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Arts & Culture

Civil War Re-enactment Group Restores Flag

Officers with flag
North Carolina Museum of History
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On May 12, 1864 during the Battle of Spotsylvania Courthouse in Virginia, a Union soldier in hand-to-hand combat with a North Carolina standard-bearer tore the battle flag right off its staff. The flag ripped along its left border, the color-bearer was captured and imprisoned, and the Union soldier who seized the flag was later awarded the Medal of Honor for his deed. Today, the historic flag is on display at the North Carolina Museum of History.

It’s there in large part because the 26th North Carolina Regiment  – the state’s largest Civil War re-enactment group – partnered with the museum to help fund its conservation, which requires an expensive specialized textile treatment. During a presentation at the Museum of History on January 19, the 26th Regiment unveiled the newly conserved flag, which was carried by the 1st Regiment North Carolina State Troops during the Civil War. It is the seventh flag the organization has helped conserve for the museum.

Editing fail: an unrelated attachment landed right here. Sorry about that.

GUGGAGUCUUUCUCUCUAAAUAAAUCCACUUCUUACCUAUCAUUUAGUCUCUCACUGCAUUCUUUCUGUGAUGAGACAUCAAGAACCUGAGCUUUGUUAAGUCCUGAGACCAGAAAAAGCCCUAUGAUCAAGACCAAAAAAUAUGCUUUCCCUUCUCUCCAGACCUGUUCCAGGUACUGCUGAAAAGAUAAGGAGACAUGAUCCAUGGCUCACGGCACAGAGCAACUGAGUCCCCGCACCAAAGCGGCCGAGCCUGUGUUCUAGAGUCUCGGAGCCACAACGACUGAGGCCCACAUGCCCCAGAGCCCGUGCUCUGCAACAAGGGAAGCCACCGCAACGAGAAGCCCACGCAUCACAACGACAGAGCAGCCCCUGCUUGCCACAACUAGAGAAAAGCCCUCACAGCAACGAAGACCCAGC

"This flag is a silent witness of one of the most horrific days of battle in the Civil War, but it has not been seen by the public for nearly 100 years," said Jackson Marshall, Associate Director of the Museum of History.

The seizure of the flag occurred during a two-week battle that contained some of the most ferociously sustained periods of combat in the Civil War, including one fight that raged unabated for nearly 20 hours. Of the 152,000 soldiers that fought, 30,000 died.

"Once again, the museum owes a debt of gratitude to the 26th Regiment members for donating the funds needed to conserve and exhibit the flag," Marshall added.

Skip Smith, Colonel of the 26th Regiment, noted, "The 26th Regiment is proud to work with the Museum of History in its conservation efforts, and we look forward to continuing this partnership far into the future."

The Museum of History plans to feature the 1st Regiment flag in the exhibit gallery “A Call to Arms” as part of the Civil War Sesquicentennial commemoration.

Watch a video of the 26th Regiment in action, below:

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